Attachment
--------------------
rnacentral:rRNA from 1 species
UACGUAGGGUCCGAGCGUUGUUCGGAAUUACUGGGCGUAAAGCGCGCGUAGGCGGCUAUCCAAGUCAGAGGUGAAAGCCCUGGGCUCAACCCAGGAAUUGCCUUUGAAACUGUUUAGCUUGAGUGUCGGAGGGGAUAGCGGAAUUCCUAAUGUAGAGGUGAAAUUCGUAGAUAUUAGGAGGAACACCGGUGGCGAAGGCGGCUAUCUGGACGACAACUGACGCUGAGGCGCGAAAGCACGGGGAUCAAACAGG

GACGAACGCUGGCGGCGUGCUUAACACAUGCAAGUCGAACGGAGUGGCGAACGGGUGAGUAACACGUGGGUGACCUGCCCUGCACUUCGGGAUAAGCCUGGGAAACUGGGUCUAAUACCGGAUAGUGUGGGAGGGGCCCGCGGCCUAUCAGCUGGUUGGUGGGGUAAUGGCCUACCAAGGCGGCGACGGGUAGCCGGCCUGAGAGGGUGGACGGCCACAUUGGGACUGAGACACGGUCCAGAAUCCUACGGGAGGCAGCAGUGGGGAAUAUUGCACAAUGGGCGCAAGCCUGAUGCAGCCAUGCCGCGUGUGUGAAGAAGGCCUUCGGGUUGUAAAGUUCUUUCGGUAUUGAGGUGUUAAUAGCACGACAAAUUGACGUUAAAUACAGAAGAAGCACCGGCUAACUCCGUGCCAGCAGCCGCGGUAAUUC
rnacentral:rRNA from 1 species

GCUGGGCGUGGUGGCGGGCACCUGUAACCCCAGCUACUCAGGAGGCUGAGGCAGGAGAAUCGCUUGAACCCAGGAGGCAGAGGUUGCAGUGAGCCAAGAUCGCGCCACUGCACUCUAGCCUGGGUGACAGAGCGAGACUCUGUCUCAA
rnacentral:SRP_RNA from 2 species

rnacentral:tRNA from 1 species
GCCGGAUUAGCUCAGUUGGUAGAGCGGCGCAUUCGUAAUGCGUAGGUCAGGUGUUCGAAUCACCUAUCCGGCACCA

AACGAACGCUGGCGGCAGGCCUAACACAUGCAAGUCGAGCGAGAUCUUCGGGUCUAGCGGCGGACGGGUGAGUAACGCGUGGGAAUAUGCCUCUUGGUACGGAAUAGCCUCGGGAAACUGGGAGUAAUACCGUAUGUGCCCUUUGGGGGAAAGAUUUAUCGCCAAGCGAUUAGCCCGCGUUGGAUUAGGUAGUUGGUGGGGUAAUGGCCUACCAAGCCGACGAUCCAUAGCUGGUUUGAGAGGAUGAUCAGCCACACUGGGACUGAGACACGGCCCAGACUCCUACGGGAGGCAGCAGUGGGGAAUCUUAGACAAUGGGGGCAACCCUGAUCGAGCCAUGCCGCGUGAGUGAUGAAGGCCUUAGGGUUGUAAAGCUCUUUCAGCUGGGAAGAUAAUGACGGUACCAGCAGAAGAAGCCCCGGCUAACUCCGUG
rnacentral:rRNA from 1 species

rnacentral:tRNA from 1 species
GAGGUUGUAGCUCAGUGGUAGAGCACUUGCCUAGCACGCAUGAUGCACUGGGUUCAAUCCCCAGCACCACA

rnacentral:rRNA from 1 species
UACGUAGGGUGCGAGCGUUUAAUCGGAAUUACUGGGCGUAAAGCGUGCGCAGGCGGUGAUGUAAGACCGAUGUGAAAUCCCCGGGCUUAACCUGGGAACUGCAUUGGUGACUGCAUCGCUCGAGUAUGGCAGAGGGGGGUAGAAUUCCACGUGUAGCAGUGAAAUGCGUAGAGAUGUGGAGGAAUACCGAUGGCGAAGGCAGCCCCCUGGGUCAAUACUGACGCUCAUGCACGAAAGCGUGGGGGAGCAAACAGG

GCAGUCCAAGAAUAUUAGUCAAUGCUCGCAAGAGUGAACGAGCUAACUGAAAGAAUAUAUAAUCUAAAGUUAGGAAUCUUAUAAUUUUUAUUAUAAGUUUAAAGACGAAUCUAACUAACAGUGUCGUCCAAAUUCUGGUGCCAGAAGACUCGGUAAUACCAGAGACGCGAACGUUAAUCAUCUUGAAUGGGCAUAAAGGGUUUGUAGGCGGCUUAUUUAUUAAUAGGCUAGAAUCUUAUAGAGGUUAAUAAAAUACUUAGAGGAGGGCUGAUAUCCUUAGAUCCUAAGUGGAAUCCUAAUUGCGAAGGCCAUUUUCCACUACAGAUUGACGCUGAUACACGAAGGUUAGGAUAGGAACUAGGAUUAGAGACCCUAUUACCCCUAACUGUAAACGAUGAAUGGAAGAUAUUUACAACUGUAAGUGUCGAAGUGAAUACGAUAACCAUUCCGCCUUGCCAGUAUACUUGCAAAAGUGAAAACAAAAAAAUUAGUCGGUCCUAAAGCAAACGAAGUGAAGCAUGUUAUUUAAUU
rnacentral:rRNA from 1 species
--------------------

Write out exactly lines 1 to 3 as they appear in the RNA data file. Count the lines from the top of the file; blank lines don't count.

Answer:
rnacentral:rRNA from 1 species
UACGUAGGGUCCGAGCGUUGUUCGGAAUUACUGGGCGUAAAGCGCGCGUAGGCGGCUAUCCAAGUCAGAGGUGAAAGCCCUGGGCUCAACCCAGGAAUUGCCUUUGAAACUGUUUAGCUUGAGUGUCGGAGGGGAUAGCGGAAUUCCUAAUGUAGAGGUGAAAUUCGUAGAUAUUAGGAGGAACACCGGUGGCGAAGGCGGCUAUCUGGACGACAACUGACGCUGAGGCGCGAAAGCACGGGGAUCAAACAGG

GACGAACGCUGGCGGCGUGCUUAACACAUGCAAGUCGAACGGAGUGGCGAACGGGUGAGUAACACGUGGGUGACCUGCCCUGCACUUCGGGAUAAGCCUGGGAAACUGGGUCUAAUACCGGAUAGUGUGGGAGGGGCCCGCGGCCUAUCAGCUGGUUGGUGGGGUAAUGGCCUACCAAGGCGGCGACGGGUAGCCGGCCUGAGAGGGUGGACGGCCACAUUGGGACUGAGACACGGUCCAGAAUCCUACGGGAGGCAGCAGUGGGGAAUAUUGCACAAUGGGCGCAAGCCUGAUGCAGCCAUGCCGCGUGUGUGAAGAAGGCCUUCGGGUUGUAAAGUUCUUUCGGUAUUGAGGUGUUAAUAGCACGACAAAUUGACGUUAAAUACAGAAGAAGCACCGGCUAACUCCGUGCCAGCAGCCGCGGUAAUUC